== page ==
In addition to the prior day slaughter report summarized in Tables 1 and 2, USDA also issues a number of reports on purchase prices. These reports are available over the internet at: http://www.ams.usda.gov/LSMNpubs/index.htm. Each weekday, four reports are issued on the price paid for hogs purchased before 9:30 am central time. These reports are for the eastern corn belt, the western corn belt, Iowa and Minnesota, and the entire nation. A comparable four reports are issued in mid afternoon for hogs purchased before 1:30 pm central time. The final four reports on prior day purchases are issued by 8 am each weekday morning.
As Table 3 shows, prices paid tend to increase as the day progresses. The national average negotiated price in 2003 for barrows and gilts purchased before 9:30 am was $0.30/cwt lower than for those purchased before 1:30 pm, which in turn was $0.13/cwt lower than the average for the entire day. In 2003, the number of barrows and gilts included on the morning reports was equal to 20.57% of the total included on the prior day reports. The number included on the afternoon reports equaled 71.69% of the prior day reports. Thus, 28.31% of hogs were purchased too late in the day to be included on either the morning or afternoon reports. Simple calculations indicate that the national average price paid in 2003 for negotiated hogs between 9:30 am and 1:30 pm was $51.81/cwt. The average price paid after 1:30 pm and before midnight was $52.15/cwt.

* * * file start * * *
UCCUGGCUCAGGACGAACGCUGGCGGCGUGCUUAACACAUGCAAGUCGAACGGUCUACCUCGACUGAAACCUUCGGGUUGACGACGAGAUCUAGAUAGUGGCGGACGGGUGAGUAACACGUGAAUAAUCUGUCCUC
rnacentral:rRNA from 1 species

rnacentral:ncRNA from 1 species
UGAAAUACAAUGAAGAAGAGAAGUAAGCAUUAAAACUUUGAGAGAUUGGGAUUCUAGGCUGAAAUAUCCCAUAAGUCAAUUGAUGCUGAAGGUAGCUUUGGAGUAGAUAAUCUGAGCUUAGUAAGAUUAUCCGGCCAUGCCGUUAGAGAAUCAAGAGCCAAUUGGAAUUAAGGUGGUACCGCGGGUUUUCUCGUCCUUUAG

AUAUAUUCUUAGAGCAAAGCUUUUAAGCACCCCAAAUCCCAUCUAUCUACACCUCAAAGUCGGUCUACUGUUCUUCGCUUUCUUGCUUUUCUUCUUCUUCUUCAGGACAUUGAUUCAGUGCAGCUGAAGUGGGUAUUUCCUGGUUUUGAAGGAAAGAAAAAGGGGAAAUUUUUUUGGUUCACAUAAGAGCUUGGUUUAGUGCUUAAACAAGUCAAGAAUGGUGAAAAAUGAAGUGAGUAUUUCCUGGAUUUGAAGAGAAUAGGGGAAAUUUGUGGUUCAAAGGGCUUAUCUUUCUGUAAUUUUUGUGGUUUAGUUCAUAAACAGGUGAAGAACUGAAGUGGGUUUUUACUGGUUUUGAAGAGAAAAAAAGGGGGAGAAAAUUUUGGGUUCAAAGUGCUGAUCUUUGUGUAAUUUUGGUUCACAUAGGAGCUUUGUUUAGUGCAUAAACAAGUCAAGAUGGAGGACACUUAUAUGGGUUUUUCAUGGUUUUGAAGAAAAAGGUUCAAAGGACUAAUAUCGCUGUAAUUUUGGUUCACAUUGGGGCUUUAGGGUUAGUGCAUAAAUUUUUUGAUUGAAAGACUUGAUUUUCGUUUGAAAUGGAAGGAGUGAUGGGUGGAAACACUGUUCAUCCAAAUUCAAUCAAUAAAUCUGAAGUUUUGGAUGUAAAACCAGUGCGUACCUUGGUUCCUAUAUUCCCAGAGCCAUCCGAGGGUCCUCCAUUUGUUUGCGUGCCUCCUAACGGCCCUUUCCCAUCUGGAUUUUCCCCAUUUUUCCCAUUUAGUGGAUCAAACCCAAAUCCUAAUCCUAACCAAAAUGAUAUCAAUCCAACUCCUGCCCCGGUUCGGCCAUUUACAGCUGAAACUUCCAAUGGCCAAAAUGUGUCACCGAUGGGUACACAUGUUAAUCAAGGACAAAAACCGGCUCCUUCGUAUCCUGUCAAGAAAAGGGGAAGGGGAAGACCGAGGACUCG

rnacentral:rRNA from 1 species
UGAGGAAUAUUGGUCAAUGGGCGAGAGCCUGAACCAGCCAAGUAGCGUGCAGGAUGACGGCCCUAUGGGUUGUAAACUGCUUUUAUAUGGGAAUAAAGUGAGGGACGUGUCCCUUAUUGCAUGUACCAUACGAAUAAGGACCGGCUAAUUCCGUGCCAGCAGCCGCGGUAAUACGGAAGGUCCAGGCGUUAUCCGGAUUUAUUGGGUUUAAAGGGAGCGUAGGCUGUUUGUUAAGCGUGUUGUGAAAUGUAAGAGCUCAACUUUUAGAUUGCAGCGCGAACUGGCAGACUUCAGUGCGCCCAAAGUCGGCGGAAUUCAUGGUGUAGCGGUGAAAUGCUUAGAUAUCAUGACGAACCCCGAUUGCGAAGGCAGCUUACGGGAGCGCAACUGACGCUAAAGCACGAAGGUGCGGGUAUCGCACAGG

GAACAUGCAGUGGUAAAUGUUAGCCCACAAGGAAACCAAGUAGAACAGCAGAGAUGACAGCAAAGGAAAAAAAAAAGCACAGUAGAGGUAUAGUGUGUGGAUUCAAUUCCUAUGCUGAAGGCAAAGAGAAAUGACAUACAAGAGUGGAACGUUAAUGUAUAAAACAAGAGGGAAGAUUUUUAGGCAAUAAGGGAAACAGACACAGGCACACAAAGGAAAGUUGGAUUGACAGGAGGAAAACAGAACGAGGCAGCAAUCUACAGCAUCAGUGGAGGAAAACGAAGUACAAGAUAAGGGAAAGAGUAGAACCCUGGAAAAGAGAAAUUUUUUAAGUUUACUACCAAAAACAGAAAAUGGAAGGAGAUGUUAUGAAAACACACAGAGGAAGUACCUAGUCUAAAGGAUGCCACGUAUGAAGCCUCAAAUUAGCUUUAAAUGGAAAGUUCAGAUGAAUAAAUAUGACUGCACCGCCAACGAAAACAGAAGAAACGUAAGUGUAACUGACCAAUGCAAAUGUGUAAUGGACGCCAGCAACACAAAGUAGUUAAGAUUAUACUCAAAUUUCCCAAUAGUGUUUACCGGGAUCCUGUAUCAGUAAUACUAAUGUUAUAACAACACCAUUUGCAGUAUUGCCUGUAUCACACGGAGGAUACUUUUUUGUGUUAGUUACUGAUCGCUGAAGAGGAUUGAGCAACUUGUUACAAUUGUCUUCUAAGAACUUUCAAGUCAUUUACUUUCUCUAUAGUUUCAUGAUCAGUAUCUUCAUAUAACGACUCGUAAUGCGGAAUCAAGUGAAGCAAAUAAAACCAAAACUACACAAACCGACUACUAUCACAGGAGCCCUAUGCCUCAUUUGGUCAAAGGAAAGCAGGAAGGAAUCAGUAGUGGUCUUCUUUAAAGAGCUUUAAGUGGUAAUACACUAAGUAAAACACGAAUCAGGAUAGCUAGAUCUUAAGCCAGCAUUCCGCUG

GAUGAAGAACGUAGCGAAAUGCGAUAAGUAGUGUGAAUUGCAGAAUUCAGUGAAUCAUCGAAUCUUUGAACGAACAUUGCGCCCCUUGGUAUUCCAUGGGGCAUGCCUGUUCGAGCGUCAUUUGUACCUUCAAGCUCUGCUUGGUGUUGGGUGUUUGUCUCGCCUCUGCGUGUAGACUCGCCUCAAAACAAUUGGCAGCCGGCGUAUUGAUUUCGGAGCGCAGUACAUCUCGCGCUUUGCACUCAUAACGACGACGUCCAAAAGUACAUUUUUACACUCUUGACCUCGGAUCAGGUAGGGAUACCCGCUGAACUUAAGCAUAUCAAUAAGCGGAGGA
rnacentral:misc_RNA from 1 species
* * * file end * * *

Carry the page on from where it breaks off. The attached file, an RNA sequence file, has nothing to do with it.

The eastern corn belt price was lower than the national average price in 2003 while the western corn belt price was slightly higher than the national average. Both of these relationships were also present in 2002.